Mon Nov 23, 2020 11:20 am

fromAtoB wrote:
Mon Nov 23, 2020 9:33 am
That’s a good idea. That might work for us on weekends.

During weekdays - when the governor here isn’t closing the economy down - we need to make three round trips of about 55 miles each day totaling 165 mi The last one we arrive home nearly 9 pm. The joys of parenthood! That might change next Summer or Fall but such is our sentence for now. For that I love love love the range of our Plus. We couldn’t have done this with our nice 2015 Leaf, and gas would cost us a fortune.

For those busy days, I might try to start the morning at 80%, and then put in one charging session during the day plus one at night.

The easier strategy could be to estimate a timer for 165 miles and then plug it in at 9 pm arrival and then let it go for maybe 6 hours. 165 miles would be about 75% of our vehicles GOM range as we drive. Now I’m not sure whether high SOC or low SOC is more harmful. I could time it to 100% right before we leave and have about 25% left when the day is done, or shoot for 90% and have 15% left when the day is done.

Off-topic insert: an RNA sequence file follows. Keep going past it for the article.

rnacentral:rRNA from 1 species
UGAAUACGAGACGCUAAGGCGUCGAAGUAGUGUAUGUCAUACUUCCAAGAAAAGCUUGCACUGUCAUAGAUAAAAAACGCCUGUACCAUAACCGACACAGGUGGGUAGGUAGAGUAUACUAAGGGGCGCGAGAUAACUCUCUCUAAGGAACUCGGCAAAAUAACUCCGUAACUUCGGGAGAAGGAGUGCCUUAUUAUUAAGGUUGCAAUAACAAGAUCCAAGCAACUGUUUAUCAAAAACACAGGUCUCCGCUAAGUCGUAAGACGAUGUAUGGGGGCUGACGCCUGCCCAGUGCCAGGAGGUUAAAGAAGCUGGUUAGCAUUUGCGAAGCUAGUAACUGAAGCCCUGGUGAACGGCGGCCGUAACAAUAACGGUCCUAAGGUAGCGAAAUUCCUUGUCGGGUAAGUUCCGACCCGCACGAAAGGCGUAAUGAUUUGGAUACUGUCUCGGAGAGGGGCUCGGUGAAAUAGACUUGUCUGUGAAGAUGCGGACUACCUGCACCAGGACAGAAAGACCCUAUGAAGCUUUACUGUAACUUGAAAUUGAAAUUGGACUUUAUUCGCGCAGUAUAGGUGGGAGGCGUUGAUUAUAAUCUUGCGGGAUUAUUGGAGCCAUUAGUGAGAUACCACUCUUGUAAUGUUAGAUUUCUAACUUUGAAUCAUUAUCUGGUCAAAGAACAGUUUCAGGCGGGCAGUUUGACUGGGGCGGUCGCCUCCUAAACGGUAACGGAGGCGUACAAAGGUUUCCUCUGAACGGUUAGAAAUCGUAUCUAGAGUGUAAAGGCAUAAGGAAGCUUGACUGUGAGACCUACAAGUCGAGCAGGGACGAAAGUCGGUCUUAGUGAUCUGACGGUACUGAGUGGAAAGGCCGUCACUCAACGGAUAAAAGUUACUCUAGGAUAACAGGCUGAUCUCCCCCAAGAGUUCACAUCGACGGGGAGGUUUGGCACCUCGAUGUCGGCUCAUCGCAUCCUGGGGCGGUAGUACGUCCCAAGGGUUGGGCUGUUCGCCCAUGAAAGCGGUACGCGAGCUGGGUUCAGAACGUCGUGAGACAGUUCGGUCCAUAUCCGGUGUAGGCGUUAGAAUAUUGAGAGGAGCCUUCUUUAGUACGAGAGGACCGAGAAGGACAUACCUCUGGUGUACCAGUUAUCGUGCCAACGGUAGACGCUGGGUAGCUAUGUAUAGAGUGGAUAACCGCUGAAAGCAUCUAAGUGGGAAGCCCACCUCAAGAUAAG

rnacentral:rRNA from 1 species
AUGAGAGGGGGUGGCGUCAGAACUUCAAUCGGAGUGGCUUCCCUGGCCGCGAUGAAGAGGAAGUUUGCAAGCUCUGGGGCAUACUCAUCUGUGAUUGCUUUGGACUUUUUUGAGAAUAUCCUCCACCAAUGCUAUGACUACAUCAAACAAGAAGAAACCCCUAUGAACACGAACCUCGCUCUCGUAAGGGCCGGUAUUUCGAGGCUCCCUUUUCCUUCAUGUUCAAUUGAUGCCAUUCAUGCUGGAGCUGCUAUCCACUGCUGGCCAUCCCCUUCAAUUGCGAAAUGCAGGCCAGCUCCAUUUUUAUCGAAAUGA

High SOC increases calendar loss and cycling loss. Low SOC increases cycling loss.

Don't leave the battery at high SOCs for long periods of time, and make cycles as narrow as possible for best battery life...

So your daily trips are about 25% of the battery. If you only charge overnight, and your schedule is predictable, charge to 100% at departure time. This avoids time at high SOCs as you don't leave the car for long at high SOC, and avoids low SOCs. 100% to 75% is much better for the battery than 80% to 5%. A single charge overnight would likely not work in winter, as efficiency reduces at lower temperatures, more energy is used for climate control, etc.

Depending on the time between trips and where the car is parked, you might plug in multiple times during the day. Hard to analyze.
WetEV
#49
Most everything around here is wet during the rainy season. And the rainy season is long.
2012 Leaf SL Red (Totaled)
2014 Leaf SL Red
2019 eTron Blue